when some of these products were analyzed for true cobalamin activity, they were
shown to contain almost all analogues of vitamin B12 which are not active in the
human body. In fact, some of these analogues interfere with normal cobalamin metabolism
by competitive binding, resulting in poorer vitamin B12 status. Serum vitamin
B12 levels may improve, while metabolic indicators deteriorate. Nori and spirulina
have both been shown to be ineffective at improving vitamin B12 status of children.
It is not safe to rely on marine plant life or soy products for vitamin B12.
see then, that dietary vegan sources of vitamin B12 are very sparse since plant
foods do not contain vitamin B12 in appreciable amounts. There is some evidence
that plants grown in soil fertilized with cow dung (rich in B12) contain higher
levels of B12 within the plant29. Whether the reported B12 was true cobalamin
and useful for people needs to be confirmed. Other vegan food sources include
fortified breakfast cereals, fortified vegan products, fortified nutritional yeast,
and dehydrated cereal grasses (like BarleyMax). The amount of B12 in BarleyMax
has been shown not to provide adequate amounts of B12 for mature adults’ needs.
Needs of infants and children are proportionally greater, so BarleyMax alone will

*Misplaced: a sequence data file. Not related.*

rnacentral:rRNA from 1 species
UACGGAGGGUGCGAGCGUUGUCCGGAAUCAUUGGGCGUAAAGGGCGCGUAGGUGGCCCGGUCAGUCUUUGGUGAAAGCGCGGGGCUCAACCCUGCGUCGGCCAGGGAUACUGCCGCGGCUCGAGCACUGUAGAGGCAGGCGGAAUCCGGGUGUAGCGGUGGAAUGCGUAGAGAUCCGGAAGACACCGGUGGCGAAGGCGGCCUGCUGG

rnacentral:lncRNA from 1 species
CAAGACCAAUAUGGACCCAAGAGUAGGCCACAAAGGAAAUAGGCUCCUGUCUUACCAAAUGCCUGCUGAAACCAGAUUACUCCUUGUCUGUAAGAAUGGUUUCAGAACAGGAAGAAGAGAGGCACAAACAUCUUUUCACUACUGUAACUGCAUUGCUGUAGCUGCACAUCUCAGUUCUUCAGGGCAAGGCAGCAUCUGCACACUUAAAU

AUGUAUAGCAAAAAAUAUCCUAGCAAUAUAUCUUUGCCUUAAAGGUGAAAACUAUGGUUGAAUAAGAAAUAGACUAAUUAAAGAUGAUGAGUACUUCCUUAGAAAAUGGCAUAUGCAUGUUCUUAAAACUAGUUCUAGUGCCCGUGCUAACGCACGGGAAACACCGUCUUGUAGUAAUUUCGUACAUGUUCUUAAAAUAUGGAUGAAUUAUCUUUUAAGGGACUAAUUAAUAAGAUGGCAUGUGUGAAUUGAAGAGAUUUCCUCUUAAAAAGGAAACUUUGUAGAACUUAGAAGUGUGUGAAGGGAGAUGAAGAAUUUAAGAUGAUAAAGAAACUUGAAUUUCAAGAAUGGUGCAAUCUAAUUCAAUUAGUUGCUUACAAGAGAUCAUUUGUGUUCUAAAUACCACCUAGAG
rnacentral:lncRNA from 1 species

not supply sufficient vitamin B12 for a child. Nutritional yeast, (Red Star Vegetarian
Support Formula) is fortified with an adequate amount of B12 and is a good source
of other B vitamins, trace minerals, and nucleotides as well. Many vegans have
found this to be an acceptable and reliable source of vitamin B12.
is the best supplemental form of vitamin B12?
tablets or low dose sprays are the best delivery forms of B12 supplements; swallowed
tablets are not as effective. The best, most bio-available form of cobalamin appears
to be methylcobalamin30. This form of B12 (methylcobalamin) appears to be taken
up by the body and used more efficiently than the more common cyanocobalamin.
Cyanocobalamin is typically made by chemical synthesis, or by isolation from animal
products or waste. The manufacturer will report the source of the vitamin if asked.
is marketed by Enzymatic Therapy as "Bio-Active B-12" and is available
from Hallelujah Acres. "Bio-Active B-12" is made from fermented plants
and is an inexpensive, vegetarian product. 1/2 of a "Bio-Active B12"
tablet twice a week should be sufficient for a healthy adult. If I had consumed
very little vitamin B12 in the last couple of years, I would take one tablet a
day for ten days and then begin this maintenance program.
do I know I am getting enough vitamin B12?
simple urine assay can be done through the mail with the Norman Clinical Laboratory,
Inc. (Cincinnati, OH: 1-800-397-7408, www.b12.com,
$70). The urinary MMA assay is very specific for B12 and much more reliable than
a serum B12 assay31-35. If anyone has doubts about their B12 status this is the
lab test to order. Your physician can order this commonly available test for you
are many ways to get your vitamin B12 but you must get it in your diet or ensure
that your body makes it. You will not have excellent health without it.
from Chet: My
research and experience leads me to conclude that a prudent amount of clean animal
foods should be in the human diet to attain B12 and other factors probably not
yet identified. Click here for a full explanation
of my stance.